Maria and I have written extensively about Goethe’s Theory of Colour in our book Holonomics: Business Where People and Planet Matter, the reason being that a deep exploration of colour far beyond Newton\s scientific explanation challenges us to contemplate and rethink how we experience the world.
It was therefore amazing for both of us that we were able to visit the Tate Britain this week to see the absolutely amazing exhibition Late Turner: Painting Set Free. This exhibition covers the last sixteen years of Turner’s life, years when he was producing some of his most creative, innovative and spectacular works.
One room was dedicated to exploring new formats of media which Turner experimented with, and the programme notes explain how these were “shocking, mystifying and controversial” they were to his audience, “exploring states of consciousness, optics and the power of paint”.
This room was described in the notes as “an exhibition within the exhibition” and contained, for me, one of the most amazing works of art, Turner’s Shade and Darkness – The Evening of the Deluge.
This was paired as a painting by Turner with Shade and Darkness – The Evening of the Deluge, seen above, hence me showing this painting first.
It may be worth contemplating the image before continuing reading, and you can expand the image by clicking on it. However, there is of course no substitute for being able to see the original paintings in all its power, forcefulness, emotion and spirituality, and I stood for some while trying to collect my thoughts while still attempted to be present and simply enjoy the painting there and then.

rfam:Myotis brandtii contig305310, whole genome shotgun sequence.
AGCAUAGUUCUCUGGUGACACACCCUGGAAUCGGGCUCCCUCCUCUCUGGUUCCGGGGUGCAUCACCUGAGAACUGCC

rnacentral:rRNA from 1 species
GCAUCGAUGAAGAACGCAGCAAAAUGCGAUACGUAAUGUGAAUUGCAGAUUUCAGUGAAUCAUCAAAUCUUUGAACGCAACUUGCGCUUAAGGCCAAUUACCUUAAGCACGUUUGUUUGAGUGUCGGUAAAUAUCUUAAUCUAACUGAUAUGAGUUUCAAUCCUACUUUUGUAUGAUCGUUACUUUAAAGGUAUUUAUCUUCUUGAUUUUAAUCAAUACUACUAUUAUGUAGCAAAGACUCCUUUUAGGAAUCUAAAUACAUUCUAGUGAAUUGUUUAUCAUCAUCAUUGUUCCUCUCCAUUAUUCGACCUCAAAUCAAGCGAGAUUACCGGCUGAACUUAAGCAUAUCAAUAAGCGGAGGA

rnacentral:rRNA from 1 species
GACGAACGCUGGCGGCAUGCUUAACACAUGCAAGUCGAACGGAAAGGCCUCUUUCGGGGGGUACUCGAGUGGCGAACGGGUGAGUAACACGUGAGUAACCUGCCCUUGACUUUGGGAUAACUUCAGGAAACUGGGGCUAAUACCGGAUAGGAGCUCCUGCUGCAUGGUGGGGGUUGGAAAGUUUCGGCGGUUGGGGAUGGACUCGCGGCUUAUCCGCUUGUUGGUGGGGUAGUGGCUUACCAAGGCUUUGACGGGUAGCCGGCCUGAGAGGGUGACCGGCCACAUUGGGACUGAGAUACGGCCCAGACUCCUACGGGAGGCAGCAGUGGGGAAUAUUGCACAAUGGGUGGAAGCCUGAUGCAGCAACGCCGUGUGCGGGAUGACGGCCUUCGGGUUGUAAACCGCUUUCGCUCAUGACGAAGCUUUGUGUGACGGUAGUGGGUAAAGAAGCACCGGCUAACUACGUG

Obviously it does help to have studied Goethe’s Theory of Colour before seeing the painting, and how his ideas both contradicted and also potentially complemented Newton’s theory of light and colour. I will not attempt to do so here, but it was only on finally seeing the original painting, being so close and able to have some time contemplating, that I felt that Turner has fully understood every aspect of Goethe’s Theory of Colour, and not just his alternative proposal to Newton.
This was my major insight, although I do realise that I have not at all attempted to elaborate on this hypothesis. But the painting moved me immensely, as I zoomed in to the rich details and flew out to comprehend the whole, and of course I was seeing this painting in the vast context of so many other brilliant paintings, especially Turner’s much later works where order, structure and figures have broken down into just ethereal radiations of colour and light.
Cameras were not allowed in the exhibition, and for this I was grateful. We did though then visit the Olafur Eliasson display featuring his Turner Colour Experiments. This consisted in seven colour wheels, each one an abstraction of the hues of seven of Turner’s paintings.
It’s funny now when you think that in his later years, Turner became a controversial artist, “mocked, derided and misunderstood”. This exhibition was the first of its kind devoted to Turner’s late work, and I cannot praise the team behind the exhibition enough. Prior to this exhibition I had not fully appreciated the insane work-rate of Turner, and also his breadth (such as his mythical and Biblical paintings). From a personal point of view, it was a dream come true to see Light and Colour, and having studied Goethe, I also really felt much better able to appreciate his many other staggeringly beautiful works.
I know I need to write a little more in the future about the change of consciousness gained from a deeply reflective study of Goethe’s Theory of Colour, and for those of you who would like to find out more, and also how to study Goethe using glass prisms, as I mentioned we do so in Holonomics. But for now, if you are able to visit the exhibition before it ends on 25th january, I cannot recommend it highly enough.